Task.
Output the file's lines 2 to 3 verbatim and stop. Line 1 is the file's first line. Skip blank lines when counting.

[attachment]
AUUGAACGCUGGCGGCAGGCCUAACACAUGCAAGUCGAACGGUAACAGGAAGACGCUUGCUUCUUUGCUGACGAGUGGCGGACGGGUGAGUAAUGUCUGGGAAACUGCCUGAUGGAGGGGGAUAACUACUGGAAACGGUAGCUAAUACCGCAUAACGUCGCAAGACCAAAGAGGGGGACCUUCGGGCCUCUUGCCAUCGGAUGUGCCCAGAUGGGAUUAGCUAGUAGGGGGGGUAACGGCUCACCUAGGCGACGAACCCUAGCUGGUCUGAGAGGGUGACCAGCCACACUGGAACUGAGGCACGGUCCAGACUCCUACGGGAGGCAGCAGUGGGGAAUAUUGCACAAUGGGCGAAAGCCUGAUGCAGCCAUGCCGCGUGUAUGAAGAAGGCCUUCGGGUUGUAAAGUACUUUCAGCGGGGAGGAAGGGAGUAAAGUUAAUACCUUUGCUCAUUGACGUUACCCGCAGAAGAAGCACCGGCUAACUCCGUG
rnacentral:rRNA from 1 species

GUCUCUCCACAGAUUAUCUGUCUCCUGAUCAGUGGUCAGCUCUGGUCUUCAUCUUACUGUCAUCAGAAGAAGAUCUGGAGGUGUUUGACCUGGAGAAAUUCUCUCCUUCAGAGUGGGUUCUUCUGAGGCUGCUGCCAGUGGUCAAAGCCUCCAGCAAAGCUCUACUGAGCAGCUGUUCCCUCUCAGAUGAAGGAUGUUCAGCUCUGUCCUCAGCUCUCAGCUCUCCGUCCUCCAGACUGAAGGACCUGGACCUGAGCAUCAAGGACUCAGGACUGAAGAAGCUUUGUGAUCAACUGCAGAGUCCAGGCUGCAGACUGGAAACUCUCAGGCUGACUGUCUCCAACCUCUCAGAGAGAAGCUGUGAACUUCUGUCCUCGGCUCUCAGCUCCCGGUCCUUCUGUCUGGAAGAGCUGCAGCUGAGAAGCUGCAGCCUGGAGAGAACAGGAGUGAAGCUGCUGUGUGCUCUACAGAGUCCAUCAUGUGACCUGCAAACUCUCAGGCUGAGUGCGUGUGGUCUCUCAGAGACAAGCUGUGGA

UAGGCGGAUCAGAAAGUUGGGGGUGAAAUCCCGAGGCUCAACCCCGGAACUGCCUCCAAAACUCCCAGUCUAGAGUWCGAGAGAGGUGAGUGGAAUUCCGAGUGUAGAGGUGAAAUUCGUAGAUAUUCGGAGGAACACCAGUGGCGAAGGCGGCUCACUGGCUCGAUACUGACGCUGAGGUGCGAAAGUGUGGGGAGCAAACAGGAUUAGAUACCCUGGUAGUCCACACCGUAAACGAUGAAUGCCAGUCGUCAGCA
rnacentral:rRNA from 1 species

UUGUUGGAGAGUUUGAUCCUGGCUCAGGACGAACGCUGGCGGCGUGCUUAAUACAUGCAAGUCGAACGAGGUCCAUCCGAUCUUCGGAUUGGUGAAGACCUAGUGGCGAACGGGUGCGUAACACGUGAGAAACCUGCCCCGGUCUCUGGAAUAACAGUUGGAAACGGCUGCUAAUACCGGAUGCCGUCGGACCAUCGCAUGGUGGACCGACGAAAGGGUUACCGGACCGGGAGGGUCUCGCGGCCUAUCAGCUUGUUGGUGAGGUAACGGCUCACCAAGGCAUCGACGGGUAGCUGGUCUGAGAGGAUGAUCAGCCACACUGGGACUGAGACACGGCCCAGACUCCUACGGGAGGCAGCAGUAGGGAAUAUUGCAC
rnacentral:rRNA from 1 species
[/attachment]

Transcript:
rnacentral:rRNA from 1 species

GUCUCUCCACAGAUUAUCUGUCUCCUGAUCAGUGGUCAGCUCUGGUCUUCAUCUUACUGUCAUCAGAAGAAGAUCUGGAGGUGUUUGACCUGGAGAAAUUCUCUCCUUCAGAGUGGGUUCUUCUGAGGCUGCUGCCAGUGGUCAAAGCCUCCAGCAAAGCUCUACUGAGCAGCUGUUCCCUCUCAGAUGAAGGAUGUUCAGCUCUGUCCUCAGCUCUCAGCUCUCCGUCCUCCAGACUGAAGGACCUGGACCUGAGCAUCAAGGACUCAGGACUGAAGAAGCUUUGUGAUCAACUGCAGAGUCCAGGCUGCAGACUGGAAACUCUCAGGCUGACUGUCUCCAACCUCUCAGAGAGAAGCUGUGAACUUCUGUCCUCGGCUCUCAGCUCCCGGUCCUUCUGUCUGGAAGAGCUGCAGCUGAGAAGCUGCAGCCUGGAGAGAACAGGAGUGAAGCUGCUGUGUGCUCUACAGAGUCCAUCAUGUGACCUGCAAACUCUCAGGCUGAGUGCGUGUGGUCUCUCAGAGACAAGCUGUGGA